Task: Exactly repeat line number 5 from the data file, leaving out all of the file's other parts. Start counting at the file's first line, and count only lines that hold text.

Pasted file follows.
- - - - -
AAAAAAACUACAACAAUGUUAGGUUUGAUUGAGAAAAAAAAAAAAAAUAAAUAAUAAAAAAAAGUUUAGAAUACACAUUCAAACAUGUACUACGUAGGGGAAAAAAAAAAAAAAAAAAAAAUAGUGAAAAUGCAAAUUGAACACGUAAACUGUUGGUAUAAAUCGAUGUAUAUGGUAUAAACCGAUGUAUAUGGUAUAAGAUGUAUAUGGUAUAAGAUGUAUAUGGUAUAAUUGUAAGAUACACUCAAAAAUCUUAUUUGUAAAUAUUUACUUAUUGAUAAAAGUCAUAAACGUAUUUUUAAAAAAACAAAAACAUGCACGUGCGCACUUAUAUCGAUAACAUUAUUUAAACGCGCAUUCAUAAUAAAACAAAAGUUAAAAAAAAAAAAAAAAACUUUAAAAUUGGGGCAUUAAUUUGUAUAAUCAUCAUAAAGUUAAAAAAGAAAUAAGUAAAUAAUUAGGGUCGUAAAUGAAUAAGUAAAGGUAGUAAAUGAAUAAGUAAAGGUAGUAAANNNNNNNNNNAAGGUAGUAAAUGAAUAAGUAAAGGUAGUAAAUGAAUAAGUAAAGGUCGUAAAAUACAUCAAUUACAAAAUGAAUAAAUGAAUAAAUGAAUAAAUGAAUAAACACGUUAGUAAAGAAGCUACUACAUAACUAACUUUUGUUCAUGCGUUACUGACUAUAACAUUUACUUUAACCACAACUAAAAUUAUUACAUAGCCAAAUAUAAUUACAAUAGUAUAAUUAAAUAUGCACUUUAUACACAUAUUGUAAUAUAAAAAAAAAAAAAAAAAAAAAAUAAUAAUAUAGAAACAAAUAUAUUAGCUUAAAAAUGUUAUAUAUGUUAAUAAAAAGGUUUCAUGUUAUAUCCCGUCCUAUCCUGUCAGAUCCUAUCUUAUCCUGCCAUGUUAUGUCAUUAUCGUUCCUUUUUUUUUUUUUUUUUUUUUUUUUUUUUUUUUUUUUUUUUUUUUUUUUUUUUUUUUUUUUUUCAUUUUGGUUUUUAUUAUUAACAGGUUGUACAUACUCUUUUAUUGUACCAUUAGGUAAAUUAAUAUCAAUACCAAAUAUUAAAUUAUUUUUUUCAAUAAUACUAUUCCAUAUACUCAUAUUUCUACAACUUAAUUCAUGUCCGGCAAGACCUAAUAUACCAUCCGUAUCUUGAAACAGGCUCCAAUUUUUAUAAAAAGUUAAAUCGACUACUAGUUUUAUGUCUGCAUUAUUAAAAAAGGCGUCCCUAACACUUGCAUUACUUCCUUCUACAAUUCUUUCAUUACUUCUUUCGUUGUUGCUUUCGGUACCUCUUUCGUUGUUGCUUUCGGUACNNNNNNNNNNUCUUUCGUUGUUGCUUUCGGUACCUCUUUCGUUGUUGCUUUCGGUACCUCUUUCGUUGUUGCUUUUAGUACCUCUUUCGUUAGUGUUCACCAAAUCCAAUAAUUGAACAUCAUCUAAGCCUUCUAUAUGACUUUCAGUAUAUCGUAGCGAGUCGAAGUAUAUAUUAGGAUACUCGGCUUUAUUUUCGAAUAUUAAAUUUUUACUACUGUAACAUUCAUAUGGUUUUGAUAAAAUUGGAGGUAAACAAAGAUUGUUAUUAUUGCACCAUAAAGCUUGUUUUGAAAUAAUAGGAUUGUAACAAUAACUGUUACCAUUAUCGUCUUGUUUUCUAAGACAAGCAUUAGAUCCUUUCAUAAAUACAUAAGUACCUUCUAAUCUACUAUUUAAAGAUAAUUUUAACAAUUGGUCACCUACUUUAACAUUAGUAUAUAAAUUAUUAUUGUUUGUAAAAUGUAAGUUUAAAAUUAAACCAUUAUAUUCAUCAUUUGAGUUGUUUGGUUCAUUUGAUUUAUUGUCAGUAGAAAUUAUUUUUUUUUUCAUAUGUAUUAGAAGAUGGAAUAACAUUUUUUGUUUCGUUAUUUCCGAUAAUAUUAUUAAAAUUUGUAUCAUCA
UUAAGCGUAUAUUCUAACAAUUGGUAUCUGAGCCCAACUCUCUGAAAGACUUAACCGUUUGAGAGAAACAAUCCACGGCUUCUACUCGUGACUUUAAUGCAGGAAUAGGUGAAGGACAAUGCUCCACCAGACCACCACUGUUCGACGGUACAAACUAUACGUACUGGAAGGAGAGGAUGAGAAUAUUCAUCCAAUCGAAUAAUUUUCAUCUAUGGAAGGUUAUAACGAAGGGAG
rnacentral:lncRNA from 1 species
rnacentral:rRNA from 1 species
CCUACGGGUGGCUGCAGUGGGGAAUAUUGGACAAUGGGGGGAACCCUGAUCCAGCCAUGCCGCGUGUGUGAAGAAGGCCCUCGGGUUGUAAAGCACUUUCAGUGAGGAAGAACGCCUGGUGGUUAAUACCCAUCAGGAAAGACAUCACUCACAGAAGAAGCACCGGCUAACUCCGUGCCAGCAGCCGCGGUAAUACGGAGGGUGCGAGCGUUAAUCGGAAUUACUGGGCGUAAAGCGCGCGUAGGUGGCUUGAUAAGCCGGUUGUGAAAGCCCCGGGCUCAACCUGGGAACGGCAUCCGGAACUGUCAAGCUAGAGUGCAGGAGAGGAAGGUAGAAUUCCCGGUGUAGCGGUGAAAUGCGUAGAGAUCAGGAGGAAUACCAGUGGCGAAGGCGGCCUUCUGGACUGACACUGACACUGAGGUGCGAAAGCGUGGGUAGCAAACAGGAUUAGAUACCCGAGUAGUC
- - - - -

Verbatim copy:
CCUACGGGUGGCUGCAGUGGGGAAUAUUGGACAAUGGGGGGAACCCUGAUCCAGCCAUGCCGCGUGUGUGAAGAAGGCCCUCGGGUUGUAAAGCACUUUCAGUGAGGAAGAACGCCUGGUGGUUAAUACCCAUCAGGAAAGACAUCACUCACAGAAGAAGCACCGGCUAACUCCGUGCCAGCAGCCGCGGUAAUACGGAGGGUGCGAGCGUUAAUCGGAAUUACUGGGCGUAAAGCGCGCGUAGGUGGCUUGAUAAGCCGGUUGUGAAAGCCCCGGGCUCAACCUGGGAACGGCAUCCGGAACUGUCAAGCUAGAGUGCAGGAGAGGAAGGUAGAAUUCCCGGUGUAGCGGUGAAAUGCGUAGAGAUCAGGAGGAAUACCAGUGGCGAAGGCGGCCUUCUGGACUGACACUGACACUGAGGUGCGAAAGCGUGGGUAGCAAACAGGAUUAGAUACCCGAGUAGUC